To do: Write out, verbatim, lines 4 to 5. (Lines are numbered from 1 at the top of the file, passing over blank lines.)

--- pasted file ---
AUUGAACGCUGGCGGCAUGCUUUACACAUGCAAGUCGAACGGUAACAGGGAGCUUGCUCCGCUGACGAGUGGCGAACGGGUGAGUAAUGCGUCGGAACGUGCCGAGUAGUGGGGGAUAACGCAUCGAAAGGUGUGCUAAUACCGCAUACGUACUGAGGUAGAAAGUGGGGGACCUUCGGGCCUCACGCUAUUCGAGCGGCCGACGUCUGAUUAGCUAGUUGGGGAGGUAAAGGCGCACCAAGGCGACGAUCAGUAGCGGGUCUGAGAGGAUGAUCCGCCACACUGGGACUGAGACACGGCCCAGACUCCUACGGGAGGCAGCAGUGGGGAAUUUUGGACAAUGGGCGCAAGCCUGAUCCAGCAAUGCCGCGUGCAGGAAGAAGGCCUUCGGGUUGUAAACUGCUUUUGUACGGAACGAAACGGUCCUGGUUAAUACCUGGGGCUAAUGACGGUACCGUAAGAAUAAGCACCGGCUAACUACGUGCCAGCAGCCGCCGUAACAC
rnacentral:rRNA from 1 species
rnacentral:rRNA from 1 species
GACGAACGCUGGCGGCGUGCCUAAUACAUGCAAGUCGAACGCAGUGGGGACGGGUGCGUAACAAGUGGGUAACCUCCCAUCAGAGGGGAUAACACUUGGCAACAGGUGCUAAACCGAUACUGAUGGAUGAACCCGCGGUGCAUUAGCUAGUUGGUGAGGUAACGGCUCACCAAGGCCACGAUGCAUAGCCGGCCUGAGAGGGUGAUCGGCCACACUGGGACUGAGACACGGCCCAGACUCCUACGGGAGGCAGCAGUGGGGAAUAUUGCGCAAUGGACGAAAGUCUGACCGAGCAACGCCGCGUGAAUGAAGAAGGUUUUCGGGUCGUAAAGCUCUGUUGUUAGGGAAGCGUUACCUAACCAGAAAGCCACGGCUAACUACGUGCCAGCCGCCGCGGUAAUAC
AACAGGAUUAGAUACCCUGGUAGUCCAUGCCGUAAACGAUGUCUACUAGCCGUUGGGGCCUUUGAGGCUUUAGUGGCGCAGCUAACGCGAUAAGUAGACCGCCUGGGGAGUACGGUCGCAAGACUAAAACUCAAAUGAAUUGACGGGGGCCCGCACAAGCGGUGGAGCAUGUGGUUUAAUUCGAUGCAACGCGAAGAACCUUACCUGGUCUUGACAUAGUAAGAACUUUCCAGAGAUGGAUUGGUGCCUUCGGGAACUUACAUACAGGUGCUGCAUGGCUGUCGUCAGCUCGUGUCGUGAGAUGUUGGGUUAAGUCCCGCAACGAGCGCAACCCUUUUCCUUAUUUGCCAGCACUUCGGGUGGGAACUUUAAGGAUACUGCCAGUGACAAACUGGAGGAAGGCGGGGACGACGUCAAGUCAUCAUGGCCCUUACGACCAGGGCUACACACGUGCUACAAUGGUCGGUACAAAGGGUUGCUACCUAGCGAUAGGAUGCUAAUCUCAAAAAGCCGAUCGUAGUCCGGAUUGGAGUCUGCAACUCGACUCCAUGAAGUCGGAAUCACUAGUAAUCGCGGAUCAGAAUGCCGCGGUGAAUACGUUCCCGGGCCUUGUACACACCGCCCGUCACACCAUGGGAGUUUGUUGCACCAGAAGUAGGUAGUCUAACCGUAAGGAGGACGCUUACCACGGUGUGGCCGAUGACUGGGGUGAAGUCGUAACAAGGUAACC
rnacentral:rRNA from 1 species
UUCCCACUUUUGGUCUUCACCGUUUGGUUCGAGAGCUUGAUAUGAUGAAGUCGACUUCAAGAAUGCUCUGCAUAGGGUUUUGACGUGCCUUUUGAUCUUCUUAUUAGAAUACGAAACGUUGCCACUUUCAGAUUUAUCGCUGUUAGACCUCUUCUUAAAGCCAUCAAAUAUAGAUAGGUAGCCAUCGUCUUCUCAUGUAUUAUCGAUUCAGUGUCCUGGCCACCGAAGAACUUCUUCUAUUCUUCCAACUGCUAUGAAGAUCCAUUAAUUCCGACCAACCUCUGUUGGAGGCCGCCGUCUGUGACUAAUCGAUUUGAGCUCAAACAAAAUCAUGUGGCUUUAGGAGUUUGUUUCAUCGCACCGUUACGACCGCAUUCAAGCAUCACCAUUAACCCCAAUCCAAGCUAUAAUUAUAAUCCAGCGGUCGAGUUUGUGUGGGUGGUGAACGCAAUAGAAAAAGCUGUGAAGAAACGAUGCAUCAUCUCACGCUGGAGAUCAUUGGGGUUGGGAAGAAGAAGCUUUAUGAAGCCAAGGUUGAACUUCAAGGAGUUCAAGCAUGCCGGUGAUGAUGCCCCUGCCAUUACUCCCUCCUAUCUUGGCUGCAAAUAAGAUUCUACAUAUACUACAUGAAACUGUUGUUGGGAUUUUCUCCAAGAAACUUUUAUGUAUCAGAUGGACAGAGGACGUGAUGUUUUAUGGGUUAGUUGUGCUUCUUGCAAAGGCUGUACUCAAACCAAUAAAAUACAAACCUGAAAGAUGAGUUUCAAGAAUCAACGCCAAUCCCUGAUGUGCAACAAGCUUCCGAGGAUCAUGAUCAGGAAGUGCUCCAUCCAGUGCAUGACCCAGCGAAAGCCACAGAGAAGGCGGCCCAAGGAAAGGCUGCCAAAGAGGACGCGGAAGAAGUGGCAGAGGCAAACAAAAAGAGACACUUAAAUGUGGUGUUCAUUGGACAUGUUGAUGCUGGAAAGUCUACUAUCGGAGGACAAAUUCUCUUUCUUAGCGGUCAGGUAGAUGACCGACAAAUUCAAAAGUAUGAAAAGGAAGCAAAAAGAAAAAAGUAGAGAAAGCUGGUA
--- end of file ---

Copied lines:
GACGAACGCUGGCGGCGUGCCUAAUACAUGCAAGUCGAACGCAGUGGGGACGGGUGCGUAACAAGUGGGUAACCUCCCAUCAGAGGGGAUAACACUUGGCAACAGGUGCUAAACCGAUACUGAUGGAUGAACCCGCGGUGCAUUAGCUAGUUGGUGAGGUAACGGCUCACCAAGGCCACGAUGCAUAGCCGGCCUGAGAGGGUGAUCGGCCACACUGGGACUGAGACACGGCCCAGACUCCUACGGGAGGCAGCAGUGGGGAAUAUUGCGCAAUGGACGAAAGUCUGACCGAGCAACGCCGCGUGAAUGAAGAAGGUUUUCGGGUCGUAAAGCUCUGUUGUUAGGGAAGCGUUACCUAACCAGAAAGCCACGGCUAACUACGUGCCAGCCGCCGCGGUAAUAC
AACAGGAUUAGAUACCCUGGUAGUCCAUGCCGUAAACGAUGUCUACUAGCCGUUGGGGCCUUUGAGGCUUUAGUGGCGCAGCUAACGCGAUAAGUAGACCGCCUGGGGAGUACGGUCGCAAGACUAAAACUCAAAUGAAUUGACGGGGGCCCGCACAAGCGGUGGAGCAUGUGGUUUAAUUCGAUGCAACGCGAAGAACCUUACCUGGUCUUGACAUAGUAAGAACUUUCCAGAGAUGGAUUGGUGCCUUCGGGAACUUACAUACAGGUGCUGCAUGGCUGUCGUCAGCUCGUGUCGUGAGAUGUUGGGUUAAGUCCCGCAACGAGCGCAACCCUUUUCCUUAUUUGCCAGCACUUCGGGUGGGAACUUUAAGGAUACUGCCAGUGACAAACUGGAGGAAGGCGGGGACGACGUCAAGUCAUCAUGGCCCUUACGACCAGGGCUACACACGUGCUACAAUGGUCGGUACAAAGGGUUGCUACCUAGCGAUAGGAUGCUAAUCUCAAAAAGCCGAUCGUAGUCCGGAUUGGAGUCUGCAACUCGACUCCAUGAAGUCGGAAUCACUAGUAAUCGCGGAUCAGAAUGCCGCGGUGAAUACGUUCCCGGGCCUUGUACACACCGCCCGUCACACCAUGGGAGUUUGUUGCACCAGAAGUAGGUAGUCUAACCGUAAGGAGGACGCUUACCACGGUGUGGCCGAUGACUGGGGUGAAGUCGUAACAAGGUAACC